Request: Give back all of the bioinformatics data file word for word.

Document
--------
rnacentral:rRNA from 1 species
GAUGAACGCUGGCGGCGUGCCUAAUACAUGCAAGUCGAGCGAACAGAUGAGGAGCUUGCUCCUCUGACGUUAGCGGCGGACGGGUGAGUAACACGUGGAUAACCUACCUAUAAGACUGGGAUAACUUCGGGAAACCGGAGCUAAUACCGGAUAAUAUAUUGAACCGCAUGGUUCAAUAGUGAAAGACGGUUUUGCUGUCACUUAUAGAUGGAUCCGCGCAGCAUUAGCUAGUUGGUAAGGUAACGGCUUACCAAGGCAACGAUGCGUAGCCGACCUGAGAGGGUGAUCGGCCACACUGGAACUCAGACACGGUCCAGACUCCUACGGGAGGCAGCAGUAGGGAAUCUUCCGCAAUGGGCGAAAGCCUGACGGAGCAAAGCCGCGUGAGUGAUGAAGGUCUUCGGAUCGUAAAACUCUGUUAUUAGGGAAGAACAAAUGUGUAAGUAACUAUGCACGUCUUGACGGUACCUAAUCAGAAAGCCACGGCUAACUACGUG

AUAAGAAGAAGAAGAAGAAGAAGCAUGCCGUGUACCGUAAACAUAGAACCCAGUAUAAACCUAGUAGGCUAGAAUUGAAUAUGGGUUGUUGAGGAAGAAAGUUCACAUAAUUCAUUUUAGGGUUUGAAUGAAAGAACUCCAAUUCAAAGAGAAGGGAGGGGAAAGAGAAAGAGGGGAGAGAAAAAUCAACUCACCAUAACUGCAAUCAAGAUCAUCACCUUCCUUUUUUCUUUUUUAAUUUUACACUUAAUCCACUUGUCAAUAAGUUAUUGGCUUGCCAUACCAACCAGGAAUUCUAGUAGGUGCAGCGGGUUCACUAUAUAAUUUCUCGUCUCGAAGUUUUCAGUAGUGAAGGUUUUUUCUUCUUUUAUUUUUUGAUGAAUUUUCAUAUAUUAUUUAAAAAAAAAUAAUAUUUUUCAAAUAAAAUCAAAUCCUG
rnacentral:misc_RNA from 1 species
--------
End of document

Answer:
rnacentral:rRNA from 1 species
GAUGAACGCUGGCGGCGUGCCUAAUACAUGCAAGUCGAGCGAACAGAUGAGGAGCUUGCUCCUCUGACGUUAGCGGCGGACGGGUGAGUAACACGUGGAUAACCUACCUAUAAGACUGGGAUAACUUCGGGAAACCGGAGCUAAUACCGGAUAAUAUAUUGAACCGCAUGGUUCAAUAGUGAAAGACGGUUUUGCUGUCACUUAUAGAUGGAUCCGCGCAGCAUUAGCUAGUUGGUAAGGUAACGGCUUACCAAGGCAACGAUGCGUAGCCGACCUGAGAGGGUGAUCGGCCACACUGGAACUCAGACACGGUCCAGACUCCUACGGGAGGCAGCAGUAGGGAAUCUUCCGCAAUGGGCGAAAGCCUGACGGAGCAAAGCCGCGUGAGUGAUGAAGGUCUUCGGAUCGUAAAACUCUGUUAUUAGGGAAGAACAAAUGUGUAAGUAACUAUGCACGUCUUGACGGUACCUAAUCAGAAAGCCACGGCUAACUACGUG

AUAAGAAGAAGAAGAAGAAGAAGCAUGCCGUGUACCGUAAACAUAGAACCCAGUAUAAACCUAGUAGGCUAGAAUUGAAUAUGGGUUGUUGAGGAAGAAAGUUCACAUAAUUCAUUUUAGGGUUUGAAUGAAAGAACUCCAAUUCAAAGAGAAGGGAGGGGAAAGAGAAAGAGGGGAGAGAAAAAUCAACUCACCAUAACUGCAAUCAAGAUCAUCACCUUCCUUUUUUCUUUUUUAAUUUUACACUUAAUCCACUUGUCAAUAAGUUAUUGGCUUGCCAUACCAACCAGGAAUUCUAGUAGGUGCAGCGGGUUCACUAUAUAAUUUCUCGUCUCGAAGUUUUCAGUAGUGAAGGUUUUUUCUUCUUUUAUUUUUUGAUGAAUUUUCAUAUAUUAUUUAAAAAAAAAUAAUAUUUUUCAAAUAAAAUCAAAUCCUG
rnacentral:misc_RNA from 1 species